In her journal in the mid-1960s, Susan Sontag vowed “to give no interviews until I can sound as clear + authoritative + direct as Lillian Hellman in Paris Review.” Sontag’s ongoing investment in the development and definition of herself always seemed less like self-obsession than a kind of existential industriousness. Reading through the odds and ends that have been published since her death almost 10 years ago—the two volumes of her journals, in particular—you get the sense of a person who was always working toward an ideal version of herself. The ideal changed in its particulars over time, but the ideal of change remained constant. She’s often a reassuringly pretentious figure in the early diaries, which are themselves a useful reminder that being a pseudo-intellectual is a necessary stage on the way to being a nonpseudo-intellectual, and that the two classifications aren’t necessarily mutually exclusive. Being an intellectual is often, after all, a matter of getting away with trying to be seen as one.

Read the rest at Slate

Be advised: In order to derive the maximum level of pleasure from reading Marisha Pessl’s new detective-occult-noir-mystery extravaganza Night Film, you will be required to make a pact with the devil. The devil will appear in a cloud of ambiguously-scented vapor—sulfurous, yes, but with an unexpectedly pleasant citrus note—and with one plump and soft hand, nails buffed to a dazzling sheen, he will extend toward you some desirable readerly consumables: an intriguing setup, a propulsive plot, a mysterious villain, and a selection of entertaining set pieces. But his other hand will be a gnarled, twisted claw, and its yellowed talons will clutch a quill and parchment with which you will be obliged to sign over to him certain fundamental literary priorities: narrative credibility and psychological realism, for instance, and the adherence to basic standards of best practice in literary prose.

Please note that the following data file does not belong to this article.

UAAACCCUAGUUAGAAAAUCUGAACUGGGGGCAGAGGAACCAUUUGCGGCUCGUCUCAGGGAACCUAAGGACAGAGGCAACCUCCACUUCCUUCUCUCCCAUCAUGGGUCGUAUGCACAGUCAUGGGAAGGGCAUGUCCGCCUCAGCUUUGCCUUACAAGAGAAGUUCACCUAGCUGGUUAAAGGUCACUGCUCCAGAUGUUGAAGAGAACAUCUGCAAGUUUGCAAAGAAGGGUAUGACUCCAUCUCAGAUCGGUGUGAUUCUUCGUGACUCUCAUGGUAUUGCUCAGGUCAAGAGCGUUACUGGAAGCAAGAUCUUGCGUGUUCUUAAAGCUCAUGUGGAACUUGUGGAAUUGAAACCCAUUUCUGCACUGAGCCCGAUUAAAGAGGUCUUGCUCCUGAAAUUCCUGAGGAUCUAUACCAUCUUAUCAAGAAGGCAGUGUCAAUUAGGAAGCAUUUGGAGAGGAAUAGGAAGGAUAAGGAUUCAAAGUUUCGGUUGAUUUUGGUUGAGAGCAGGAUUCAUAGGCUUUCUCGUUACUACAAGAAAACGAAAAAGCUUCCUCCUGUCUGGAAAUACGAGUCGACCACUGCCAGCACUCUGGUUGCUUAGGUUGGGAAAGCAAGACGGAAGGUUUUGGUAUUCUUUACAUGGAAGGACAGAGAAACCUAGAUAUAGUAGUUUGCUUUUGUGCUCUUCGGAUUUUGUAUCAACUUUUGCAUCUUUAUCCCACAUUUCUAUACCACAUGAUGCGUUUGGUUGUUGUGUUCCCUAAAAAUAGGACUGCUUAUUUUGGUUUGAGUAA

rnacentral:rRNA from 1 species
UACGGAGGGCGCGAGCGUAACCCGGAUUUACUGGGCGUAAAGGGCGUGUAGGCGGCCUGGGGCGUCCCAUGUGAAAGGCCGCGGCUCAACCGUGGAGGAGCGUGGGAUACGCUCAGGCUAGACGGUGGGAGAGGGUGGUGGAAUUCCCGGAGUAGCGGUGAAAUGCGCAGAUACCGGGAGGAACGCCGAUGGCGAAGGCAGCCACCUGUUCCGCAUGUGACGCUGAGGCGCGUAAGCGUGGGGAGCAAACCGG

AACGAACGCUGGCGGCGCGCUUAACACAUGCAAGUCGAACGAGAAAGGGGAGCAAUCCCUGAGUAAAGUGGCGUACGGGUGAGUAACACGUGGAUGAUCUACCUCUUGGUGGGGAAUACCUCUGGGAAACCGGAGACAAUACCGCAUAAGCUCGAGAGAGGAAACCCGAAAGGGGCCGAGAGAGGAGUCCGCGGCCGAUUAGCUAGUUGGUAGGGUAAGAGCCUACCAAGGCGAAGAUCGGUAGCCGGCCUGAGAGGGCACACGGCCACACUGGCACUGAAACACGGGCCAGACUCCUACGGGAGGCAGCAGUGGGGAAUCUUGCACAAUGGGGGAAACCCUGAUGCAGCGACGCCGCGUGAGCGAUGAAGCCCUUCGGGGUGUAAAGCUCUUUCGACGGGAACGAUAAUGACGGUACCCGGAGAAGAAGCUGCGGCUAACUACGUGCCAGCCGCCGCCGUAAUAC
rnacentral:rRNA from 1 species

Read the rest at Slate

Few artists have built grand structures on such uncertain foundations as Jorge Luis Borges. Doubt was the sacred principle of his work, its animating force and, frequently, its message. To read his stories is to experience the dissolution of all certainty, all assumption about the reliability of your experience of the world. Of the major literary figures of the twentieth century, Borges seems to have been the least convinced by himself—by the imposing public illusion of his own fame. The thing Borges was most skeptical about was the idea of a writer, a man, named Borges.

Read the rest at The New Yorker

 

 

62813-review.jpg_full_600If you didn’t know much about Tim Parks, and you just briefly picked up Italian Ways: On and Off the Rails from Milan to Palermo as you happened to be passing by the Travel Writing display table at your local bookseller, you might be inclined to think of it as exactly the kind of book it isn’t. The cozy-sounding title and the jacket design — with its fetching pasturescapes, its hazily panoramic Florence skylines — might lead you to think of it as one of those harmlessly middlebrow lifestyle memoirs that tend to get written about places like Tuscany and Provence. But that, as I say, is exactly the kind of book Italian Ways isn’t. It is a book about traveling by train in Italy, but it’s not that kind of book about traveling by train in Italy.

Read the rest at The Millions